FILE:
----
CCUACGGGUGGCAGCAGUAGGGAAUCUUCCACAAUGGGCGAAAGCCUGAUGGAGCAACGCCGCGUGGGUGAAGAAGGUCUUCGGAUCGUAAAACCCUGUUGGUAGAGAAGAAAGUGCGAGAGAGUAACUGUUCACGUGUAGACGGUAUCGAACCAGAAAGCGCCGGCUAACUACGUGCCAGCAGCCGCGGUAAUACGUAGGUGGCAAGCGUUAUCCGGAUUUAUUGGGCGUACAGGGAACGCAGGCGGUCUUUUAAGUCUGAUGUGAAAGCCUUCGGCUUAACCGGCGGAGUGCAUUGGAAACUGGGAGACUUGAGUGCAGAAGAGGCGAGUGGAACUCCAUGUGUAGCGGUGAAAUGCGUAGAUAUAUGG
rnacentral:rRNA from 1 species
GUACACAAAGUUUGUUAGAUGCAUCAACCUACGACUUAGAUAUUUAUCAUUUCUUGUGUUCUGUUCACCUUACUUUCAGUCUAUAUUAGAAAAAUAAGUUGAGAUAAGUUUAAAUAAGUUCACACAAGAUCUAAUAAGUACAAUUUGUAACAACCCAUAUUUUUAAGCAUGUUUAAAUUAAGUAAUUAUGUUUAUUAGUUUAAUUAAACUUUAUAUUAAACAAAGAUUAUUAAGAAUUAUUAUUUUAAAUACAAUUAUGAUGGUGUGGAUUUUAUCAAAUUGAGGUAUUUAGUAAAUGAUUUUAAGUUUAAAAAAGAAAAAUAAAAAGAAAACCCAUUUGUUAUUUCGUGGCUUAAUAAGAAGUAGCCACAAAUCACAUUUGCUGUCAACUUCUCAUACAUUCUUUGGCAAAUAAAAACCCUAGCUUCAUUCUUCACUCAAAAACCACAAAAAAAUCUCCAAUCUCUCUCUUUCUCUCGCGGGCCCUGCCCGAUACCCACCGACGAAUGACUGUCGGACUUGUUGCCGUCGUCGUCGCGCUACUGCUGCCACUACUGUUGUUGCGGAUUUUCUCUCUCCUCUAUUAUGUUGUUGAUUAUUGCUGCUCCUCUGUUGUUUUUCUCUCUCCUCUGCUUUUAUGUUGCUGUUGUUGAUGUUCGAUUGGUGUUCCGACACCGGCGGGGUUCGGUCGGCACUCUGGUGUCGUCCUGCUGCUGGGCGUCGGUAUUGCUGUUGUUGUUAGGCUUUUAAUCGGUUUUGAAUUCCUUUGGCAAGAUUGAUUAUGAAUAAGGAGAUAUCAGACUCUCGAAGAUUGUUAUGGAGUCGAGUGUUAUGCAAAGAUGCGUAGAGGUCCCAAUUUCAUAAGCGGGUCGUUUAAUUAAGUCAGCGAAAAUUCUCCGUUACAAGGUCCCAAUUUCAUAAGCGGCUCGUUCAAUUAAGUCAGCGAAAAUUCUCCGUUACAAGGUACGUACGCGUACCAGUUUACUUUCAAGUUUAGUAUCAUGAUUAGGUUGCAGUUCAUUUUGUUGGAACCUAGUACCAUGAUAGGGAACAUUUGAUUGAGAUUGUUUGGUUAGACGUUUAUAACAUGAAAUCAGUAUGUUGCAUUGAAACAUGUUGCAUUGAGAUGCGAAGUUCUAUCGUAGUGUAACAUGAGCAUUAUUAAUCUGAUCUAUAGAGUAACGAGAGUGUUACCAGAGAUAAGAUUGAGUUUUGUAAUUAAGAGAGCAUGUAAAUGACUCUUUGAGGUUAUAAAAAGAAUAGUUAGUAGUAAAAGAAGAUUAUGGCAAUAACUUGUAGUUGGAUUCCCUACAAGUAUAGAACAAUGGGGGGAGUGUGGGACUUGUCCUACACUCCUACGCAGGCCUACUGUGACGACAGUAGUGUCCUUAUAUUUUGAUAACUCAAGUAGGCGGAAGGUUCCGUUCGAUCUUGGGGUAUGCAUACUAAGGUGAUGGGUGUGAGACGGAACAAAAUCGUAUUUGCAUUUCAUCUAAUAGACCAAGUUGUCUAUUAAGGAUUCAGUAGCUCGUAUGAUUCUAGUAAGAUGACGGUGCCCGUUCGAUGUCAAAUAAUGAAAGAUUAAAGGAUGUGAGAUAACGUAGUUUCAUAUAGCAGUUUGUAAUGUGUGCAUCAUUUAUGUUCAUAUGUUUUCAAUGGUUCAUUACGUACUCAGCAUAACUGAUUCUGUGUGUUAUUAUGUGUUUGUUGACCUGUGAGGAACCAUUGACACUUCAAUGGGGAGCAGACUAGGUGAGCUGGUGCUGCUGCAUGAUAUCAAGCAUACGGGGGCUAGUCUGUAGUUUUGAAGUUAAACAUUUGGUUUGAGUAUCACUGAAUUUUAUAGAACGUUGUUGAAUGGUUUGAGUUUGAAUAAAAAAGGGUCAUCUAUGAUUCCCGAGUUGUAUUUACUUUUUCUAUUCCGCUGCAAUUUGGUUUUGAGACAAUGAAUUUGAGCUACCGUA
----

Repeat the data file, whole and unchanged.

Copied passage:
CCUACGGGUGGCAGCAGUAGGGAAUCUUCCACAAUGGGCGAAAGCCUGAUGGAGCAACGCCGCGUGGGUGAAGAAGGUCUUCGGAUCGUAAAACCCUGUUGGUAGAGAAGAAAGUGCGAGAGAGUAACUGUUCACGUGUAGACGGUAUCGAACCAGAAAGCGCCGGCUAACUACGUGCCAGCAGCCGCGGUAAUACGUAGGUGGCAAGCGUUAUCCGGAUUUAUUGGGCGUACAGGGAACGCAGGCGGUCUUUUAAGUCUGAUGUGAAAGCCUUCGGCUUAACCGGCGGAGUGCAUUGGAAACUGGGAGACUUGAGUGCAGAAGAGGCGAGUGGAACUCCAUGUGUAGCGGUGAAAUGCGUAGAUAUAUGG
rnacentral:rRNA from 1 species
GUACACAAAGUUUGUUAGAUGCAUCAACCUACGACUUAGAUAUUUAUCAUUUCUUGUGUUCUGUUCACCUUACUUUCAGUCUAUAUUAGAAAAAUAAGUUGAGAUAAGUUUAAAUAAGUUCACACAAGAUCUAAUAAGUACAAUUUGUAACAACCCAUAUUUUUAAGCAUGUUUAAAUUAAGUAAUUAUGUUUAUUAGUUUAAUUAAACUUUAUAUUAAACAAAGAUUAUUAAGAAUUAUUAUUUUAAAUACAAUUAUGAUGGUGUGGAUUUUAUCAAAUUGAGGUAUUUAGUAAAUGAUUUUAAGUUUAAAAAAGAAAAAUAAAAAGAAAACCCAUUUGUUAUUUCGUGGCUUAAUAAGAAGUAGCCACAAAUCACAUUUGCUGUCAACUUCUCAUACAUUCUUUGGCAAAUAAAAACCCUAGCUUCAUUCUUCACUCAAAAACCACAAAAAAAUCUCCAAUCUCUCUCUUUCUCUCGCGGGCCCUGCCCGAUACCCACCGACGAAUGACUGUCGGACUUGUUGCCGUCGUCGUCGCGCUACUGCUGCCACUACUGUUGUUGCGGAUUUUCUCUCUCCUCUAUUAUGUUGUUGAUUAUUGCUGCUCCUCUGUUGUUUUUCUCUCUCCUCUGCUUUUAUGUUGCUGUUGUUGAUGUUCGAUUGGUGUUCCGACACCGGCGGGGUUCGGUCGGCACUCUGGUGUCGUCCUGCUGCUGGGCGUCGGUAUUGCUGUUGUUGUUAGGCUUUUAAUCGGUUUUGAAUUCCUUUGGCAAGAUUGAUUAUGAAUAAGGAGAUAUCAGACUCUCGAAGAUUGUUAUGGAGUCGAGUGUUAUGCAAAGAUGCGUAGAGGUCCCAAUUUCAUAAGCGGGUCGUUUAAUUAAGUCAGCGAAAAUUCUCCGUUACAAGGUCCCAAUUUCAUAAGCGGCUCGUUCAAUUAAGUCAGCGAAAAUUCUCCGUUACAAGGUACGUACGCGUACCAGUUUACUUUCAAGUUUAGUAUCAUGAUUAGGUUGCAGUUCAUUUUGUUGGAACCUAGUACCAUGAUAGGGAACAUUUGAUUGAGAUUGUUUGGUUAGACGUUUAUAACAUGAAAUCAGUAUGUUGCAUUGAAACAUGUUGCAUUGAGAUGCGAAGUUCUAUCGUAGUGUAACAUGAGCAUUAUUAAUCUGAUCUAUAGAGUAACGAGAGUGUUACCAGAGAUAAGAUUGAGUUUUGUAAUUAAGAGAGCAUGUAAAUGACUCUUUGAGGUUAUAAAAAGAAUAGUUAGUAGUAAAAGAAGAUUAUGGCAAUAACUUGUAGUUGGAUUCCCUACAAGUAUAGAACAAUGGGGGGAGUGUGGGACUUGUCCUACACUCCUACGCAGGCCUACUGUGACGACAGUAGUGUCCUUAUAUUUUGAUAACUCAAGUAGGCGGAAGGUUCCGUUCGAUCUUGGGGUAUGCAUACUAAGGUGAUGGGUGUGAGACGGAACAAAAUCGUAUUUGCAUUUCAUCUAAUAGACCAAGUUGUCUAUUAAGGAUUCAGUAGCUCGUAUGAUUCUAGUAAGAUGACGGUGCCCGUUCGAUGUCAAAUAAUGAAAGAUUAAAGGAUGUGAGAUAACGUAGUUUCAUAUAGCAGUUUGUAAUGUGUGCAUCAUUUAUGUUCAUAUGUUUUCAAUGGUUCAUUACGUACUCAGCAUAACUGAUUCUGUGUGUUAUUAUGUGUUUGUUGACCUGUGAGGAACCAUUGACACUUCAAUGGGGAGCAGACUAGGUGAGCUGGUGCUGCUGCAUGAUAUCAAGCAUACGGGGGCUAGUCUGUAGUUUUGAAGUUAAACAUUUGGUUUGAGUAUCACUGAAUUUUAUAGAACGUUGUUGAAUGGUUUGAGUUUGAAUAAAAAAGGGUCAUCUAUGAUUCCCGAGUUGUAUUUACUUUUUCUAUUCCGCUGCAAUUUGGUUUUGAGACAAUGAAUUUGAGCUACCGUA